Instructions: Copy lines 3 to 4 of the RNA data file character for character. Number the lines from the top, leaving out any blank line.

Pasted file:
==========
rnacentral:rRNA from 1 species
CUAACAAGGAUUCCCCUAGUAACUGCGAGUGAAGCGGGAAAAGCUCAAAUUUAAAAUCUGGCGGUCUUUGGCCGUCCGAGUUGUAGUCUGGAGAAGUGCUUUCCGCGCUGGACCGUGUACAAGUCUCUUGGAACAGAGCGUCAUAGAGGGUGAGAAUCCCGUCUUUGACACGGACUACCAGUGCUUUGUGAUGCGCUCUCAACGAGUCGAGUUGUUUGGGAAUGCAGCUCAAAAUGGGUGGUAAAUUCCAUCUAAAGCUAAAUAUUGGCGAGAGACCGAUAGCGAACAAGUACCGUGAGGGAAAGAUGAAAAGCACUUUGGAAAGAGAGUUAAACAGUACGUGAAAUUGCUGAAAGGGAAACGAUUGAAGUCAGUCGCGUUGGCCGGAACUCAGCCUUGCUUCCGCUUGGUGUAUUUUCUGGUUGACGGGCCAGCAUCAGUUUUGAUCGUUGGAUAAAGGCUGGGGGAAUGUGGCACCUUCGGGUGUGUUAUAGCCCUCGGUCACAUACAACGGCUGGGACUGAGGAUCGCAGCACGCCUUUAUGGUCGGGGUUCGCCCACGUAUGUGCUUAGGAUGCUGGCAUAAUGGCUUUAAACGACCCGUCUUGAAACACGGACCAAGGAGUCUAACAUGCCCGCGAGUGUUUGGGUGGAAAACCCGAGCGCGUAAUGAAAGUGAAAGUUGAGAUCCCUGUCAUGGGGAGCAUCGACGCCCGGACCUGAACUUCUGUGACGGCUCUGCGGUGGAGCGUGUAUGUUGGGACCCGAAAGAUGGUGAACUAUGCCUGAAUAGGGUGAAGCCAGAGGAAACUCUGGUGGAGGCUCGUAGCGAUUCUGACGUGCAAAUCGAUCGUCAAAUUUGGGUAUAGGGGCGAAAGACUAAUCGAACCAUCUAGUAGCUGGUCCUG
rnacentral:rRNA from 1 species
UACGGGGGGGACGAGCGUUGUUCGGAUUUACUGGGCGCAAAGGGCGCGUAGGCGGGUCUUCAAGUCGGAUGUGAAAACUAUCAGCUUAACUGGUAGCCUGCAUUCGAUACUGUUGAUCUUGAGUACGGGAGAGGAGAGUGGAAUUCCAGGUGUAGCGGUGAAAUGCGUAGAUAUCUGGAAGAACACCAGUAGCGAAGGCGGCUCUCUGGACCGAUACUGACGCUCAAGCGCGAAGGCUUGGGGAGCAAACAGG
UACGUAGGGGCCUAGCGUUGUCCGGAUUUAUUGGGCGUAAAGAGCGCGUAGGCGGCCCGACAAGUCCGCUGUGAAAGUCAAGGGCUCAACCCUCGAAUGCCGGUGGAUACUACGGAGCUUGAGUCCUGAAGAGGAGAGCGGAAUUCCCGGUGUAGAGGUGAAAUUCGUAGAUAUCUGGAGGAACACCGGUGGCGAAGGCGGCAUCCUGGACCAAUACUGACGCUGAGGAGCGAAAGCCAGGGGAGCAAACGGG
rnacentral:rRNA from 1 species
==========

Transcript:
rnacentral:rRNA from 1 species
UACGGGGGGGACGAGCGUUGUUCGGAUUUACUGGGCGCAAAGGGCGCGUAGGCGGGUCUUCAAGUCGGAUGUGAAAACUAUCAGCUUAACUGGUAGCCUGCAUUCGAUACUGUUGAUCUUGAGUACGGGAGAGGAGAGUGGAAUUCCAGGUGUAGCGGUGAAAUGCGUAGAUAUCUGGAAGAACACCAGUAGCGAAGGCGGCUCUCUGGACCGAUACUGACGCUCAAGCGCGAAGGCUUGGGGAGCAAACAGG